Opening a bookstore was Isabel Coixet’s “plan B,” but from what we can tell, she likely won’t need one. The incredible director, whose previous films include LEARNING TO DRIVE and THE SECRET LIFE OF WORDS, fell in love with the story and knew she had to make THE BOOKSHOP come to life on the big screen.
Coixet connected with the main charter in the book, and then connected with the lead actress – Emily Mortimer – equally as much. Despite the simplicity of getting those elements in place, the actual making of the film was more of a challenge. Coixet elaborates on that, here:
Alongside Mortimer, the film’s two other leads are played by Oscar nominee Patricia Clarkson (PIECES OF APRIL, LEARNING TO DRIVE) and Bill Nighy (THEIR FINEST, THE BEST EXOTIC MARIGOLD HOTEL). Coixet says of Nighy, “this guy is amazing… everything he does – every little thing – is meaningful, every gesture.” She also describes Nighy as a “casanova” and elaborates on that here:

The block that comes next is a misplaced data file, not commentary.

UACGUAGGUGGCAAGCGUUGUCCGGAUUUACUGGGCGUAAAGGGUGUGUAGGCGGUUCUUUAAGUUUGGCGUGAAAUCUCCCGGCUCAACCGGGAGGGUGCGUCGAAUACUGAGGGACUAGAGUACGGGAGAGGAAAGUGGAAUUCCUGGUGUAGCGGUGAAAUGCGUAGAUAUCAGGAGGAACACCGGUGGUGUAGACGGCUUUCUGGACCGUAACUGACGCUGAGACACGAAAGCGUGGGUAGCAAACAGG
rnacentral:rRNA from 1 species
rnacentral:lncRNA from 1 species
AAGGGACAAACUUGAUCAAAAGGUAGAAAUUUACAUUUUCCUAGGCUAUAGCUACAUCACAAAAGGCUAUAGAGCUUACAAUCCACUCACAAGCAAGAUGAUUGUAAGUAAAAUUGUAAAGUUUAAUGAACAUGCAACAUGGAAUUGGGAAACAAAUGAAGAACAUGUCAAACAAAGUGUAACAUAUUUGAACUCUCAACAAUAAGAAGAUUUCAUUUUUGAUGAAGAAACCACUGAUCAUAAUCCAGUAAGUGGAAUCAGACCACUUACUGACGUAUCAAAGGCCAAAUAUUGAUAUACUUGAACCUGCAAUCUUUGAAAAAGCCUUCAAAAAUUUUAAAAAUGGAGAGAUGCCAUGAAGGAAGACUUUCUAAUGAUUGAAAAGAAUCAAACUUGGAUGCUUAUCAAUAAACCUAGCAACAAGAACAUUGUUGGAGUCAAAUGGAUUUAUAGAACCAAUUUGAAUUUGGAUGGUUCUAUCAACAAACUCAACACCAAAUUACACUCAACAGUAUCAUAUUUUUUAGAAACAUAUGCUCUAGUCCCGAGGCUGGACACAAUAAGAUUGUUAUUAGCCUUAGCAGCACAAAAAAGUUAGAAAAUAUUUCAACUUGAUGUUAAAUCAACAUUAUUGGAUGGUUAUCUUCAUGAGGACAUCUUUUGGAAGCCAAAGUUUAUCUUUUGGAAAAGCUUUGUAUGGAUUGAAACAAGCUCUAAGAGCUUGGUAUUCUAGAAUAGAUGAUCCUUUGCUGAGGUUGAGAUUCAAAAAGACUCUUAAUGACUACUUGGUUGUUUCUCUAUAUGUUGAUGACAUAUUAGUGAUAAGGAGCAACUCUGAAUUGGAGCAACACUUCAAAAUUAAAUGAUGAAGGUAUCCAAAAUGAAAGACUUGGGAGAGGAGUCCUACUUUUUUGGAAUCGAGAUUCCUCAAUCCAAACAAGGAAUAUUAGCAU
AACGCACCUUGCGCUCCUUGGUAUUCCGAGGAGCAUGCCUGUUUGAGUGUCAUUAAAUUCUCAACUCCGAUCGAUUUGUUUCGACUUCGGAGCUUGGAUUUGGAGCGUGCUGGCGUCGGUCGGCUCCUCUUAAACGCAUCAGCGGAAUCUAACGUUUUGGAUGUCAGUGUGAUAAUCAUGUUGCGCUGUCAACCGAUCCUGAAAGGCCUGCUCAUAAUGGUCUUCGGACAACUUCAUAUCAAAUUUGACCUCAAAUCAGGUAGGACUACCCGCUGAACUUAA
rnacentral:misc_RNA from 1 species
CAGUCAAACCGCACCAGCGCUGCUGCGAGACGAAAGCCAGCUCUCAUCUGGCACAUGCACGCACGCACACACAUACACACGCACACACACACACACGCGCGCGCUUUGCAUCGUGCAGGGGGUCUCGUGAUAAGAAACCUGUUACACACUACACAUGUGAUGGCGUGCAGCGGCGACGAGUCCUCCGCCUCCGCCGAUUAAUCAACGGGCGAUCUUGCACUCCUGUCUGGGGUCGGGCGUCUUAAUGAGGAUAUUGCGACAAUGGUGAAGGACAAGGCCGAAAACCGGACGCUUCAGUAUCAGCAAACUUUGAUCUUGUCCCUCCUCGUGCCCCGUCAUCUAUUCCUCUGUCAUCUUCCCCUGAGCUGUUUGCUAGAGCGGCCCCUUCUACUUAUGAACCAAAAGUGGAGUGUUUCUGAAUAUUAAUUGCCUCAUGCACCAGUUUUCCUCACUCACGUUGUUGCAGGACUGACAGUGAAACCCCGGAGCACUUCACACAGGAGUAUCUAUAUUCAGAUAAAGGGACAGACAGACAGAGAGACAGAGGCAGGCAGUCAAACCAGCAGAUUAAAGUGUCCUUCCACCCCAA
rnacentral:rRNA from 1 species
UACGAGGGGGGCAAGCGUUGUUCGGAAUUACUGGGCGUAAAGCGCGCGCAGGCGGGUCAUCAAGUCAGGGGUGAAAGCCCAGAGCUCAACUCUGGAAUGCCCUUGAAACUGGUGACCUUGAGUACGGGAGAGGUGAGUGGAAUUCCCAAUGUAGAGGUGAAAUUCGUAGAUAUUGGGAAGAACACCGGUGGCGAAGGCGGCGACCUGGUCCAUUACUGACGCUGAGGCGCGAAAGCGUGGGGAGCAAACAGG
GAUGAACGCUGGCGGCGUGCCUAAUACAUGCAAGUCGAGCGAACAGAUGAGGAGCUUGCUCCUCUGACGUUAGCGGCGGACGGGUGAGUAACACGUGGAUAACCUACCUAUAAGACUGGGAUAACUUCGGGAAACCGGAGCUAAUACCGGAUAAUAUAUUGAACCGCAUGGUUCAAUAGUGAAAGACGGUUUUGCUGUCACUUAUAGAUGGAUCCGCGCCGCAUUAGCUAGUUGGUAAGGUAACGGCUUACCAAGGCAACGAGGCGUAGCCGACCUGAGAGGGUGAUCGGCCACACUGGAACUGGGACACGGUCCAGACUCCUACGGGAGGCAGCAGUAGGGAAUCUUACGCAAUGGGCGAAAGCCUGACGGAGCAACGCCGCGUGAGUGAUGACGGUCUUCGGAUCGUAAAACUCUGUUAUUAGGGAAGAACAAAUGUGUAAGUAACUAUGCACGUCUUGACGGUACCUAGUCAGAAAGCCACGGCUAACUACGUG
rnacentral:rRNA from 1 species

When it came to the look of the film, Coixet wanted the bookshop to feel like the coziest place in the world, while the home of Nighy’s character was kept on the more dull and solemn side. She also drew inspiration from the works of filmmaker Michael Powell, and chats about that here:
About the film:
England, 1959. Free-spirited widow Florence (Emily Mortimer) risks everything to open a bookshop. While bringing about a surprising cultural awakening through works by Ray Bradbury and Vladimir Nabokov, she earns the polite but ruthless opposition of a local grand dame (Patricia Clarkson) and the support and affection of a reclusive book loving widower (Bill Nighy). Based on Penelope Fitzgerald’s acclaimed novel and directed by Isabel Coixet (LEARNING TO DRIVE), THE BOOKSHOP is an elegant yet incisive rendering of personal resolve, tested in the battle for the soul of a community.
View the trailer:
Where to see it: